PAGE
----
On a table before you lie two envelopes, identical in appearance. You are told that one envelope contains twice as much money as the other, but given no indication which has more. You are then allowed to choose one of the envelopes and keep the money it contains.
You then pick one of the envelopes at random, but before you look inside you are offered the chance to exchange your envelope for the other. Should you exchange envelopes, (assuming that the more money you get, the better)?
One line of thinking is this: If the envelope you initially choose has dollars in it, then there is a % chance that the other envelope has dollars in it and a % chance that it has dollars in it. Thus the expected amount of money you would end up with if you chose to exchange envelopes would be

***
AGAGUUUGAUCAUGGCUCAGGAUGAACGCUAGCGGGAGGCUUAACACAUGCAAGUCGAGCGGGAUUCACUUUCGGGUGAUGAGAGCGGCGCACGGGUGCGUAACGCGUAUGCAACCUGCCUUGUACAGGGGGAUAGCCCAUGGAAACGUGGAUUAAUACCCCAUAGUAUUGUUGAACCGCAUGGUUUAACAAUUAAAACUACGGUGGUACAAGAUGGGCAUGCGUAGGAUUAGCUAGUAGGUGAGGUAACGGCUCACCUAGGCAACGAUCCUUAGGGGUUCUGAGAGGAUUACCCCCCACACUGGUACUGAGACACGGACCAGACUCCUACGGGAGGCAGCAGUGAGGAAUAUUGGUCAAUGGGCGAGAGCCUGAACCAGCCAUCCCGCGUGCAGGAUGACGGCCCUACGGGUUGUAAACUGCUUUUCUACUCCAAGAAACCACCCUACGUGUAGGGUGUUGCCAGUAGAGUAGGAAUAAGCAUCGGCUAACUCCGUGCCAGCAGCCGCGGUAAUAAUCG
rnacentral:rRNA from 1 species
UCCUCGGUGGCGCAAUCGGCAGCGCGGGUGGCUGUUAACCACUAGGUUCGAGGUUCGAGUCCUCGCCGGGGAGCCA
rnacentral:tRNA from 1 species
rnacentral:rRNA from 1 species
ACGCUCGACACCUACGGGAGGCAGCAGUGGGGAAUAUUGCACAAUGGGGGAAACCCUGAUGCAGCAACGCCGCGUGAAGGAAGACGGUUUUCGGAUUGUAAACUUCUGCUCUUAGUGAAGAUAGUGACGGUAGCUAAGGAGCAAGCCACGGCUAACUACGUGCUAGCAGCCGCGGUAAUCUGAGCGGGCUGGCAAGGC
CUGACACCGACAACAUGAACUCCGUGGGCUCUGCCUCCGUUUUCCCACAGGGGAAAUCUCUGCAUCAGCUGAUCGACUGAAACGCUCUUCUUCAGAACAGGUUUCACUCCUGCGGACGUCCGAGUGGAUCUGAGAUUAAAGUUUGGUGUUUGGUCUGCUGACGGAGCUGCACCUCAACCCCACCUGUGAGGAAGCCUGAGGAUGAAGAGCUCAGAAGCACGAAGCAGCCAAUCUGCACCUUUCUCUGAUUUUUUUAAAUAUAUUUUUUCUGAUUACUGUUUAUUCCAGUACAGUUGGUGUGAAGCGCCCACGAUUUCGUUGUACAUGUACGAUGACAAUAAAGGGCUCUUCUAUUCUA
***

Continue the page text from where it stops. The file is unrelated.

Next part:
You thus decide to exchange envelopes. But before doing so, you think to yourself, "But I could go through the same thought process with the other envelope, concluding that I should exchange my new envelope for my old one, and then go through the same thought process again, and again, ad infinitum. Now I have no idea what to do."
How can you resolve this paradox?
Edit: As mentioned in my comment below, the real "puzzle" here is to identify the flaw in the reasoning I outlined above. Or is there a flaw?